7 Lessons to Help You Grow Your Business in 2021




This week on the podcast, I want to share seven lessons I learned in my business in 2020 that I’ll be carrying into the coming year. I did a lot of outsourcing, team building, and (let’s be honest) soul searching in 2020, and I’ve finally created a business that I feel totally comfortable in.

Listen to this week’s episode here or read below for the seven lessons for business growth I’ll be taking into 2021.

How I Got Here

Before we dive in, it’s important to understand where I was at the start of 2020.

I started working for myself in 2013, one year out of college and one year into a corporate marketing job across the country from my hometown. After that first year, I was unfulfilled, and my future in the company didn’t seem all that alluring. I realized I didn’t want to be like my boss. I didn’t want his job. I didn’t want his boss’s job. I wasn’t interested in the corporate ladder at all.

(Looking back, none of this should have come as a surprise. Both of my parents are entrepreneurs, and I spend my childhood making crafts to sell to the neighbors and pitching in at yard sales to earn a buck. I was a self-starter from the very beginning.)

So I moved back home and started working for myself. I freelanced. I started a blog. I had big dreams of developing and selling online courses. I made my first digital product… and it flopped.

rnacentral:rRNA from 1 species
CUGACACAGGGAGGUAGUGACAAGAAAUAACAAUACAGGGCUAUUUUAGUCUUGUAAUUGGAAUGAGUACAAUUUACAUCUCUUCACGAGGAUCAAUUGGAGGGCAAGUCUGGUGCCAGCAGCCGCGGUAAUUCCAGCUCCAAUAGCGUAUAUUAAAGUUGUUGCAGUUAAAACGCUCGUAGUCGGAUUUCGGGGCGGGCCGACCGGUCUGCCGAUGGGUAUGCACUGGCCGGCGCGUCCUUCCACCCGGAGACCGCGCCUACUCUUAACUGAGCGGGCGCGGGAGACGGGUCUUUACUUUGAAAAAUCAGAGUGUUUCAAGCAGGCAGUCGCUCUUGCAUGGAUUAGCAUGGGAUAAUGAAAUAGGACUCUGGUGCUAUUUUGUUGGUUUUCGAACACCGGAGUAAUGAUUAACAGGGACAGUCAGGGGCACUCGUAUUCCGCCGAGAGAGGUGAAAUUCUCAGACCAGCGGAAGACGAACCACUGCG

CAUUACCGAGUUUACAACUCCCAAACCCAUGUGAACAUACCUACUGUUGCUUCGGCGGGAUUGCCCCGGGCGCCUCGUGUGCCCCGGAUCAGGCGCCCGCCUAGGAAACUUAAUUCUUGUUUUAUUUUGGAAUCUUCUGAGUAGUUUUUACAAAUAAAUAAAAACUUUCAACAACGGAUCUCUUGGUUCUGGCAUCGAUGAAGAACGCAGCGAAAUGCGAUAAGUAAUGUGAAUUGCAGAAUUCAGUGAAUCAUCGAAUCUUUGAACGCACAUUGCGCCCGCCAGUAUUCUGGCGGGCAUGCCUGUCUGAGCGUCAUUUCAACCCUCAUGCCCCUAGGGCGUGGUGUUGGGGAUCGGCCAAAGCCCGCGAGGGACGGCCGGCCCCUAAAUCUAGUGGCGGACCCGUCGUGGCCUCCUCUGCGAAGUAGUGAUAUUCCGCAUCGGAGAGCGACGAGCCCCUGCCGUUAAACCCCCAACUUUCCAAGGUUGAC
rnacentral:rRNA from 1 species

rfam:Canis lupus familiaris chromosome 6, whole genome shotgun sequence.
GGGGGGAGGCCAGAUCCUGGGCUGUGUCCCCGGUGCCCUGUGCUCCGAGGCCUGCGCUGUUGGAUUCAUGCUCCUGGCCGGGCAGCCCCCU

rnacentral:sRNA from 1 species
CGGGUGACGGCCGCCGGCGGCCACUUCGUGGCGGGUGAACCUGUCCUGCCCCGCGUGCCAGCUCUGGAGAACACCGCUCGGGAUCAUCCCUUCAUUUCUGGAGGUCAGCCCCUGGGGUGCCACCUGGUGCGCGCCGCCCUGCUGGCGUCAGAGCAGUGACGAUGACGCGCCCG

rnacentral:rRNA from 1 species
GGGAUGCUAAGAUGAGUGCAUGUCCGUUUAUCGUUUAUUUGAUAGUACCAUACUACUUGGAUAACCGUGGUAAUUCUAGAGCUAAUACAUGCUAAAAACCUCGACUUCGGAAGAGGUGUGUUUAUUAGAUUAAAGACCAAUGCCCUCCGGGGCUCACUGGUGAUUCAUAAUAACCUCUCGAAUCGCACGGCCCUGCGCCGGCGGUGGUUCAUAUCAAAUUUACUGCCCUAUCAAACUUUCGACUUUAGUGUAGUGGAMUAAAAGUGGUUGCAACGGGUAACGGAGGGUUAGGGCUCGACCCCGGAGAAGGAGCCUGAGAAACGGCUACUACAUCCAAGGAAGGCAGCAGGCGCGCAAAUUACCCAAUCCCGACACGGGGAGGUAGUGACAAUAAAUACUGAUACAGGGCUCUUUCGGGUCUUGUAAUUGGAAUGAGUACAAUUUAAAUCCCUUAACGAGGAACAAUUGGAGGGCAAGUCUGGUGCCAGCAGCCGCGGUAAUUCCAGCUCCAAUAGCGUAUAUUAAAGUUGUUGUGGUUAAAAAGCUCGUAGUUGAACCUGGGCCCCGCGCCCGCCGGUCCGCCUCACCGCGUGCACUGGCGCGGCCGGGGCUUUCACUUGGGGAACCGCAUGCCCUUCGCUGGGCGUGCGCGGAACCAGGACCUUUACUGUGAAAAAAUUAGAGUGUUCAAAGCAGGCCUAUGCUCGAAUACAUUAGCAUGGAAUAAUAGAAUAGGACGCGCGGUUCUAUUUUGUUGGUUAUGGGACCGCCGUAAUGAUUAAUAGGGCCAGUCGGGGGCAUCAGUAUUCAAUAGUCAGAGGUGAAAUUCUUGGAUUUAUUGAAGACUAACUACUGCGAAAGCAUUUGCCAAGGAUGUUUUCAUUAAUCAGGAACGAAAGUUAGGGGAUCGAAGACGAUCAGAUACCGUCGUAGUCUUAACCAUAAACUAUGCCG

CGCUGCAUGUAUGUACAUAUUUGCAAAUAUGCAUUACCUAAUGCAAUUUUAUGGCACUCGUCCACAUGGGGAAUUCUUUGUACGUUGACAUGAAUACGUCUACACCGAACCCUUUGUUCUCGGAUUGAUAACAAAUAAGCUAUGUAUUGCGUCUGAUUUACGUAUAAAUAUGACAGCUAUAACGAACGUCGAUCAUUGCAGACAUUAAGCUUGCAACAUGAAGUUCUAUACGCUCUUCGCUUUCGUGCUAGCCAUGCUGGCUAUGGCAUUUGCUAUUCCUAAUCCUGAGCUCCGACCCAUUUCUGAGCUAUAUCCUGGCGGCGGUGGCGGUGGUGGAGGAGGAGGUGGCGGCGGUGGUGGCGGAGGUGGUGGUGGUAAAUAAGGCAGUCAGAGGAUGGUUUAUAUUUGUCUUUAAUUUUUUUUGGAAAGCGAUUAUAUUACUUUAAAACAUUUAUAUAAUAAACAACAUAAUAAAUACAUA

Feeling discouraged, I spent a few years focusing on my web design and photography business instead. I got to know my ideal clients and I noticed that so many of them struggled to get consistent traffic from Google. I helped them develop SEO strategies that they could continue on their own after our work together.

Once I gained confidence in my skill set I decided to try this online course business again, this time focusing on SEO for photographers.

And it sold! I launched and relaunched the course, improving it each time, and eventually rebranded to reach creatives outside the photography niche. That’s how Local Creative Co. was born.

While I’m proud of the journey and thrilled with where I am today, I’m always learning. 2020 taught me a lot about myself and my business, and while these lessons were all difficult, I’m so glad I learned them.


7 Lessons From 2020 That I’m Implementing in 2021

LESSON 1: What you focus on grows.

Before last year, I’d heard this saying a hundred times. It wasn’t until I actually implemented it into my business practices that I truly saw the value behind it.

When I think about this lesson, I think about money. I’m a numbers person. I like data and spreadsheets. I like knowing that my efforts are paying off in a real, quantifiable way. But when it came to managing money in my business, I turned a blind eye.

Money made me uncomfortable and I didn’t even realize it.

When I got on top of my bookkeeping in 2020, I was finally able to see where my money was going and which revenue streams were actually paying off. I managed my bookkeeping at the end of each month, and I tracked my metrics to see my growth.

The result? I doubled the profitability of my business in 2020.

When I got serious about managing my business expenses and income, the money seriously started to roll in. If there’s an area of your business where you want to see growth, focus your energy there and check-in daily or weekly to see how things are going.